Kundalini Mudra – The Gesture of Sexual Energy

Kundalini means ‘coiled up’ and ‘Serpent Power.’

The Kundalini is primal energy in the form of a serpent coiled at the base of the spine. It usually lays dormant in unenlightened people. During an awakening, the Kundalini rises up through the Sushumna Nadi (the central, subtle channel), and eventually reaches the Sahasrara (Crown Chakra), thereby causing an intense spiritual awakening experience.

The Kundalini Mudra is just one of many ways to help raise your Kundalini. There is an entire yoga system called Kundalini Yoga, which was introduced to the western world by Yogi Bhajan.

Before attempting to awaken your Kundalini, your heart must be pure. If you raise your Kundalini while, for example having  a deep-seeded hatred for people, it will only cause more problems.

Music: Gesticulation by Dee Vigga aka Ultra Titan:

The four fingers which encircle the index finger are symbolic of the external world, and the thumb represents the divine spirit. The left index finger represents the mind and the soul.


What Are Mudras?

I’m only posting “What Are Mudras? (Part 2)” here because it is much more in depth than part one, which was intended to be more like a YouTube channel introduction than an actual explanation of mudras.

Music: “Light From Darkness (Tuned to 432Hz)” by Dee Vigga aka Ultra Titan



Dirgha Pranayama – The Three Part Breath

Other names: The Three Part Breath, The Full Yogic Breath, The Complete Breath.

We can go without food for weeks, and we can go without water for days, but without oxygen, we are dead within minutes.

When we breath normally, most of us use a very small portion of our lungs, which is why we tire easily, tend to feel physically and mentally weak and it is why we are so prone to dis-eases.
Dirgha Pranayama revitalizes the entire body with Prana (Life Force) so it is a great breathing exercise to begin and end the day with.

Don’t use this Pranayama right before bedtime because can be difficult to fall asleep when the  body is full of energy.

The technique
• Sit in your preferred asana such as Padmasana (the Full Lotus posture), Vajrasana (the Diamond Pose) or lie down in Savasana (the Corpse Pose). Alternatively you can sit on the edge of a chair with your back straight and your head bent slightly forward with the chin tucked in.
• Close your eyes and take a moment to observe your breath. The very act of observation may cause you begin breathing consciously.

•  [Part 1] Place your hands on your lower abdomen and inhale slowly. Feel the abdomen inflate like a balloon. As you perform this inhalation, the lower section of the lungs is being filled with air.
• As you exhale, draw your belly button in towards the spine, gently squeezing the air out.

• [Part 2] Place your hands on your ribs and inhale. Expand the belly again, but this time continue inhaling until you feel the rib cage expand. This fills the first and second sections of the lungs.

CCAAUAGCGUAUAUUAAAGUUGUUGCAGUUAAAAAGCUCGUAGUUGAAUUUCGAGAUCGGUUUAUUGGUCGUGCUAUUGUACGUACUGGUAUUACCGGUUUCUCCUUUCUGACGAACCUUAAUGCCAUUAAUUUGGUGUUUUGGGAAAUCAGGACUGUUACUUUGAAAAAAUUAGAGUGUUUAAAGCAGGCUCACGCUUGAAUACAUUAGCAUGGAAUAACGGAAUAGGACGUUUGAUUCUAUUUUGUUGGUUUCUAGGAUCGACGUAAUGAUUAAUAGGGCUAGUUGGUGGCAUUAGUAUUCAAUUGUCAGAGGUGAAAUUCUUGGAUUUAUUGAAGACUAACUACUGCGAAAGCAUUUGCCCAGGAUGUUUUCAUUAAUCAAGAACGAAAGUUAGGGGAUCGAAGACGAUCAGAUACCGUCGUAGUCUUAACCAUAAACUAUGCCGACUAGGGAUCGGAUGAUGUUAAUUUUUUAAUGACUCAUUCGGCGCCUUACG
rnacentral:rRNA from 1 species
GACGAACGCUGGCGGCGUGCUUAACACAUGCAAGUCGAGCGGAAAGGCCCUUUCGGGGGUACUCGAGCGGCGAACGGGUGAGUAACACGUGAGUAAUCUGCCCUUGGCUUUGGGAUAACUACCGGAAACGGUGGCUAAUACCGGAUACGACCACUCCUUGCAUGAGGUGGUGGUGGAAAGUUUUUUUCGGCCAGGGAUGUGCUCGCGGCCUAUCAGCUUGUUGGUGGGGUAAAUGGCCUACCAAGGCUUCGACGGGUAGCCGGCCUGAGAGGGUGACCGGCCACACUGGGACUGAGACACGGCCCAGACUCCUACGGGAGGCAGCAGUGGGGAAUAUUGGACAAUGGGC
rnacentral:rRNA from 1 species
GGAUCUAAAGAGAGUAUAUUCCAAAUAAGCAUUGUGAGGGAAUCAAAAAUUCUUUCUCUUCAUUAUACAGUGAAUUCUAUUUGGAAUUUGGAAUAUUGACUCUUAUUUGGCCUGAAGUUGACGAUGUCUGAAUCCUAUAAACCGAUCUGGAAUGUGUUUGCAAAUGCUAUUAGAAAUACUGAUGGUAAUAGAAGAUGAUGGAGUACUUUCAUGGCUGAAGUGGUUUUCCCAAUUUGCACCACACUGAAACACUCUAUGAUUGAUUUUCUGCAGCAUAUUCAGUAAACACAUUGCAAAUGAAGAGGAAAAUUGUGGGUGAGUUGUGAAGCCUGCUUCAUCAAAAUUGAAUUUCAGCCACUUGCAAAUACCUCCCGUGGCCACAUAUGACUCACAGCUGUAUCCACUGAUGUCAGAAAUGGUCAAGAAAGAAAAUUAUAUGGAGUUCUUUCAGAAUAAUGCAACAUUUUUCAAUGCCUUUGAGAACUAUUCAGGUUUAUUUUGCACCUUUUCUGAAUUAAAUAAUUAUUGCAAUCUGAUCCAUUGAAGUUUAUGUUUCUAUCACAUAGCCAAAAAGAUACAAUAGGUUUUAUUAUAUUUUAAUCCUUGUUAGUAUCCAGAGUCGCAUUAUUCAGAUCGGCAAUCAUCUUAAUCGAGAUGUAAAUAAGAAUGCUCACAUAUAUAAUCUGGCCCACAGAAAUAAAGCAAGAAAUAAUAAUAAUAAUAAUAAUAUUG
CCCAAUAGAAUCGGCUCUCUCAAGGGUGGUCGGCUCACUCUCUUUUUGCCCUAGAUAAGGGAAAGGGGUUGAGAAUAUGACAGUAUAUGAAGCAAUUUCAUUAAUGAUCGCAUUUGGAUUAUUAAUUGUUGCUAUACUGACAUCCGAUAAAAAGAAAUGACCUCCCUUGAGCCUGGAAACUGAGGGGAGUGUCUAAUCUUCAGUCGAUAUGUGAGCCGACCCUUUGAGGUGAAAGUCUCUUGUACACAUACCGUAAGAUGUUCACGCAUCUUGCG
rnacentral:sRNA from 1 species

•Exhale slowly from the ribs.

• [Part 3] Place your hands on your upper chest. Inhale as in part 2, but keep on inhaling until your chest expands all the way up to your collar bone. This fills the upper section of the lungs.
• Exhale slowly from the chest.

Practice these three parts separately until you are confident that you are doing them correctly, then put them all together as one continuous, Complete Breath. Hold any mudra you desire. The Jnana and Adhi Mudras are perfect for use with this Pranayam.

• This Pranayama brings your awareness to the present moment.
• It increases the capacity of the lungs.
• The entire respiratory system is strengthened.
• Oxygen flow to the muscles is increased.
• Toxins are removed from the blood.
• It is very relaxing and grounding.

• Practice Dirgha Pranayama subtly throughout the day so that eventually you will begin to  breath passively in a proper manner.

• The instructions I give above include the most popular technique for the exhalation procedure. However, another version – which I prefer is to exhale from the belly first, then the ribs, then finally the chest. It feels more natural to me and I feel as though I’m really squeezing all the air out.


Apan Vayu Mudra – The Life Saver

Other Names: Mrit Sanjeevani Mudra.

Mrit – A Sanskrit word meaning “death.”

Sanjeevani – A Sanskrit word meaning “Life giving.” It is also the name of a magical herb mentioned in the Ramayana. It has the power to cure all ailments.

Click here for more information on the meaning of Sanjeevani.

This gesture is the most vital of them all because it can actually save your life.

Music: The Purity VIP by Dee Vigga aka Ultra Titan

A Mantra to Match

Below is a mantra which corresponds with the Apan Vayu Mudra. It is called the Mahamrutyunjay Mantra, but it is also known as the Mrita Sanjeevani Mantra. It is chanted to overcome illnesses, obstacles, tragedies and the fear of death:

Om Trayambakam Yajamahe
Sugandhim Pushtivardhanam
Urvarukamiva Bandhanaan
Mrityurmukshi Yamamritaat

Here is an in depth explanation of the mantra and how to chant it.


So, you want to meditate?

This is a beautiful blog on meditation.



In my last post, I shared with you my meditation story. Today I would like to share with you some tips and answer some questions about beginning your own meditation practice that can feed your soul too.

I feel like the idea of meditation is so glamorous these days, but after doing it for a short while, you come to realize that there isn’t anything glamorous about this, and we lose hope and inspiration. In fact, I haven’t found any of my spiritual practices glamorous. But, I have found them hugely rewarding.

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